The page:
Los Angeles Times: The Five Biggest Lies About Entitlement Programs
So here's a list with a bit more gravitas: The five biggest lies you're being told about entitlement programs. Never mind that the very word "entitlement" is a lie. Social Security and Medicare got that name because workers became "entitled" to those benefits by paying into the system. In recent years, however, the term has become distorted to signify benefits people are entitled to without earning them. Leaving that whopper aside, here are the top five (Michael Hiltzik, 3/8).
Forbes: Did You Really Pay For Your Medicare Benefits?
Time after time during Election Year 2012, seniors and near-seniors reacted to the slightest mention of Medicare reform with indignation and the emphatic insistence, "Don't you dare touch Medicare; I've paid for it!" There is only one problem with that statement: In a mathematical sense, it isn't true (Mark Hendrickson, 3/7).
The Washington Post: Payments To Elders Are Harming Our Future
Foolish, indiscriminate and badly timed cuts in the federal budget have begun. The primary reason is that Republicans have refused to budge any further on taxes. Still, Democrats must share some of the blame. By failing to propose more specific cuts to entitlement spending, they have forfeited the high ground and allowed a small but critical set of programs to absorb all of the pain (Harry J. Holzer and Isabel Sawhill, 3/8).
The Washington Post: Budget Ideas That Democrats And Republicans Might Agree On
Arizona's John McCain, South Carolina's Lindsey Graham, New Hampshire's Kelly Ayotte -- have dared to say that they would, gasp!, consider raising revenue. The senators attach two caveats: Revenue must come through fundamental tax reform (getting rid of loopholes, not raising rates) and be accompanied by reined in entitlement spending. In theory, both sides agree on these approaches (Ruth Marcus, 3/8).
The Washington Post: A Grand Bargain On The Menu?
Mr. Obama's Republican dinner partners could and should respond favorably to his publicly announced proposal to raise $580 billion over the next decade by closing tax loopholes and limiting tax deductions to 28 percent of income for top earners. They can't and won't do that, however, without a bigger and more detailed commitment on entitlement reform than Mr. Obama has given publicly so far. Specifically, his offer of $400 billion in health program savings over ten years strikes us as both too small and insufficiently fleshed out, though it's a start (3/9).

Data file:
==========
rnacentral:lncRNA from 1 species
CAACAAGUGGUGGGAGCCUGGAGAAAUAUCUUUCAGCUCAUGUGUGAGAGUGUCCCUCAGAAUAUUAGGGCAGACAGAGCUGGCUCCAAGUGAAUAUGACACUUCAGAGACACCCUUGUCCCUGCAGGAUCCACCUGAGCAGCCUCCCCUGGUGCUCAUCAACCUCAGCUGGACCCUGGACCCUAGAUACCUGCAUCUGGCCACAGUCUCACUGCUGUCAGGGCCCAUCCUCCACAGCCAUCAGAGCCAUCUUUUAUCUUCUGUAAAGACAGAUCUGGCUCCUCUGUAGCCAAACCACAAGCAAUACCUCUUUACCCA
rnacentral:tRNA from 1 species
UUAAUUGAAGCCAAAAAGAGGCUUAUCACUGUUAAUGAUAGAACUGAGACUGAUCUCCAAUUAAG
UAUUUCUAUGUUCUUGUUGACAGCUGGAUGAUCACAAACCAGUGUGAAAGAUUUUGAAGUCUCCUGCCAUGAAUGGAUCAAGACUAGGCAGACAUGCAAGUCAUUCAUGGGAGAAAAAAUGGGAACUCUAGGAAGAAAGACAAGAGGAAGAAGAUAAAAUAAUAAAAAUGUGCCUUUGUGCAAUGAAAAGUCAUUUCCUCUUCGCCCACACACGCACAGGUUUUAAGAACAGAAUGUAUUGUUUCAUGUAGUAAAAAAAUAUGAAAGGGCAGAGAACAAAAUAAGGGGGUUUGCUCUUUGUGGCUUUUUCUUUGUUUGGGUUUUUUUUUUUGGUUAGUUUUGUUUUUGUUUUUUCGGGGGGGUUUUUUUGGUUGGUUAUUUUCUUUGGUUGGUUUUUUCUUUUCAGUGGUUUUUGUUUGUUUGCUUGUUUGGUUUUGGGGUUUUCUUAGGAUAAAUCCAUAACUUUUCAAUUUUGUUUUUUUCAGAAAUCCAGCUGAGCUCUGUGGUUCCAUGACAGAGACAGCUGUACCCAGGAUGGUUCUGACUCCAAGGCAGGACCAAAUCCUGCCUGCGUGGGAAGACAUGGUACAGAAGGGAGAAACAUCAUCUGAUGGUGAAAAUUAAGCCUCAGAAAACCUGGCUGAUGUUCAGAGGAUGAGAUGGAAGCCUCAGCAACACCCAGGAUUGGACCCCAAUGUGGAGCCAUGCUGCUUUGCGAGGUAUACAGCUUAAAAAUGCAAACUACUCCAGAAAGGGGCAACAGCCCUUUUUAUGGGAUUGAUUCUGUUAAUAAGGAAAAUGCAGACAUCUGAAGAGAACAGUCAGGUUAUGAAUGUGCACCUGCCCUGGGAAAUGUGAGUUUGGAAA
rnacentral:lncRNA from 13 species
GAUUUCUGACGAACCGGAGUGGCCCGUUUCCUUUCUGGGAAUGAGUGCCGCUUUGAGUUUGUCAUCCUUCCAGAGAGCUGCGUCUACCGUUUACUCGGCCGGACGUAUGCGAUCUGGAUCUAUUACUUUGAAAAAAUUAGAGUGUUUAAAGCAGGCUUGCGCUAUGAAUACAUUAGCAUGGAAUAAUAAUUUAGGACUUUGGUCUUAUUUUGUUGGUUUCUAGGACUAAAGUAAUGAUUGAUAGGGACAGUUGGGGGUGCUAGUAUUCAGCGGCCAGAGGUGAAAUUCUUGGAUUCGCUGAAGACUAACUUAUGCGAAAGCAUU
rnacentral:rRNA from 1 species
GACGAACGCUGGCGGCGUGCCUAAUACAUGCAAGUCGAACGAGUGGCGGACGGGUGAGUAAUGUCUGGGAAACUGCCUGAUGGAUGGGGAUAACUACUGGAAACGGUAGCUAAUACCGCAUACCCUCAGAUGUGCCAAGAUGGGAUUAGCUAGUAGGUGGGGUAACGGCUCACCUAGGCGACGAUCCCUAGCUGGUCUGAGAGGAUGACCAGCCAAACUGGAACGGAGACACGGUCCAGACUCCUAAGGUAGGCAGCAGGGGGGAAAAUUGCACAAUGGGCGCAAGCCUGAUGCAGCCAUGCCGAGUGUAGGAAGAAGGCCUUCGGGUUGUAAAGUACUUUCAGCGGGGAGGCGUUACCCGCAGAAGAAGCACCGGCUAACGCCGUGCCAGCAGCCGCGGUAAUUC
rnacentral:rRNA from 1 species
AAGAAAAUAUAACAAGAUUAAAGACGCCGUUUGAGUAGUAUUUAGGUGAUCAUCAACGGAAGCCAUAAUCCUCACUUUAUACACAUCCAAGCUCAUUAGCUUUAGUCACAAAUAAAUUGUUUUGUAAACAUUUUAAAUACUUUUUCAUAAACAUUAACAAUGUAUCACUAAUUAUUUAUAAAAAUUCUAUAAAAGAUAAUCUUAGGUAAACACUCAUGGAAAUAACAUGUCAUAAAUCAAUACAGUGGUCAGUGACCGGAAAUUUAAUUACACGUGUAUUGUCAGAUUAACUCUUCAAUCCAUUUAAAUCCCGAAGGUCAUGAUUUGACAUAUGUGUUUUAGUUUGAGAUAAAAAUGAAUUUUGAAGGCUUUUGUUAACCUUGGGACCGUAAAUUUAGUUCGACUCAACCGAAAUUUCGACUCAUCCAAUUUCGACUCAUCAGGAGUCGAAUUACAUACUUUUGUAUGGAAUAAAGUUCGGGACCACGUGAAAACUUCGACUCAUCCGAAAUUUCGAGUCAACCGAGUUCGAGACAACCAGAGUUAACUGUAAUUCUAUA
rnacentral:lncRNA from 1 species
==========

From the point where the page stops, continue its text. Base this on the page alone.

The Washington Post: The High Costs Of Medicare's Low Prices
Steven Brill's recent Time magazine cover story, "Bitter Pill: Why Medical Bills Are Killing Us," is an extraordinarily well-reported look at medical pricing, demonstrating that high health-care prices have little relationship to underlying cost. For many commentators, the much lower prices paid by Medicare suggests an obvious solution to our health-care problems -- "Medicare for all." There's only one problem with this "obvious" solution: Medicare has been a primary driver of the explosion of health-care costs in the United States despite -- and perhaps because of -- the low prices it pays (David Goldhill, 3/10).
Boston Globe: Reducing Health Costs: A Bitter Pill, Chewable For Doctors
When I read Steven Brill's epic takedown of health care costs in Time magazine, my first reactions were sticker shock and outrage. This was followed by unease: Did I really need to use that second square of gauze (priced at $77 a box, according to Brill) after placing that central venous catheter the other week? As he dissects a series of medical bills and follows each line item to its source, Brill points the finger both at marked-up prices by manufacturers and hospital administrators stemming from our lack of price controls and at the quantity of line items (i.e. the overuse of resources). Setting aside the critical need for payment reform and true price competition, doctors have a significant role to play in mitigating that second offense. To this end, we're now meant to learn about medical costs as part of our medical training, though institutional norms and perverse incentives have made this challenging (Ishani Ganguli, 3/11).
Roll Call: Fiscal Cliff Health Care Policy Fix Is Good For Rural Patients And Taxpayers